Lordstown Motors is seeking to acquire the General Motors Lordstown Plant in Ohio, and in the process, transform it into an “epicenter” for electric vehicles, according to statements made by the company’s CEO, Steve Burns, earlier this week ahead of a keynote panel at the Energy Storage Building Efficiency conference.
The 6.2-million-square-foot facility first opened in 1966, and produced 16 million vehicles before it was idled in March. Most recently, the plant had produced the Chevrolet Cruze.
Negotiations to acquire the plant have been ongoing for months now, but the recent GM strike by the United Auto Workers union has added an extra layer of complexity to the situation. Nevertheless, Burns remains adamant that the plant is the way forward for the company’s upcoming line of electric vehicles.
“We are designing trucks that can be built in that plant,” Burns said. “We’re assuming we’re going to get it, but it’s not 100 percent. It’s used to building smaller vehicles and we’re going to build full-size pickup trucks. We don’t feel there are any pinch points there.”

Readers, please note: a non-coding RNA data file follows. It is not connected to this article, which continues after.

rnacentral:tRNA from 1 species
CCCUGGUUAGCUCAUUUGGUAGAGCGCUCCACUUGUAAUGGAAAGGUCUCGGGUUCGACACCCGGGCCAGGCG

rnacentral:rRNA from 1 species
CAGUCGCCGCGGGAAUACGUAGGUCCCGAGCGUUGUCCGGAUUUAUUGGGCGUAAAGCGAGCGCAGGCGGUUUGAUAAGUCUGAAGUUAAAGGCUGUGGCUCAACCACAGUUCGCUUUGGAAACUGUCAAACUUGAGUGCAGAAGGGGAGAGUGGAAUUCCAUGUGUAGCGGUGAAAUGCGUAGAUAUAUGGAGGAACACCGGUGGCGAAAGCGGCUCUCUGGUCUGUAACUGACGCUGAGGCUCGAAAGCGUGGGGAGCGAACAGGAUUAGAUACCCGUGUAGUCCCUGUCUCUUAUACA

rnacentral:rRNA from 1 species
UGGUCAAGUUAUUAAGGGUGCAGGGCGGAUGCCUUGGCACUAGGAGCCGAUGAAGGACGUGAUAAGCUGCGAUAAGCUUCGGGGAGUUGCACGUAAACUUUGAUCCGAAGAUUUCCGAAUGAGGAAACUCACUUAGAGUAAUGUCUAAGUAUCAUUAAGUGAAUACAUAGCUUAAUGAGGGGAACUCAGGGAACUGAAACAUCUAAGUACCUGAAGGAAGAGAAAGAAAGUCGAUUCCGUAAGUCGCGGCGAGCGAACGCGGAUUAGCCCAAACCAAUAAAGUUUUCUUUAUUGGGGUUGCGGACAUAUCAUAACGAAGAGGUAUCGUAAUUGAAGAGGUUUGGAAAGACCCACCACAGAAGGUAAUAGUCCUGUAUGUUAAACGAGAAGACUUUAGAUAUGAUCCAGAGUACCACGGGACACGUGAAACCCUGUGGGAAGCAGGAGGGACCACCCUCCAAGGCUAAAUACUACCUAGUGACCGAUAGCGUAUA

Critically, Burns envisions far more than just production at the Lordstown facility. In addition to producing electric vehicles, Lordstown Motors also wants to establish its headquarters there, opening positions in human resources, sales, and engineering.
“Every person won’t work it, but it will be the majority. This will be our headquarters. We want to build an epicenter here: wire harnesses, motors, battery cells and all the new components,” Burns said. “We want those in our building if possible. We’re not just bringing a vehicle to Lordstown that can run its five-year course.”
Even if Lordstown Motors doesn’t acquire the plant, the Burns said the company is still committed to building its electric vehicles there.
“Our company name is Lordstown Motors Corp., so we’ll either have to buy a town out in the desert and name it Lordstown or do something here,” Burns said with a laugh. “The workforce is here, so we have to be here.”
Indeed, Burns considers the greater community to be major asset. “What attracted us was the plant, but the workforce and people are the secret weapon,” Burns said. “A lot of people are available and they have the skillset to do the work. It’s very difficult to find that in quantity.”
If everything goes through smoothly, Lordstown Motors would like to begin production as early as the end of 2020.
Meanwhile, striking UAW members have called on GM to provide a new vehicle allocation to the plant, with some questioning the extent to which electric vehicles and battery production would support the community in terms of wages and jobs.
Source: The Business Journal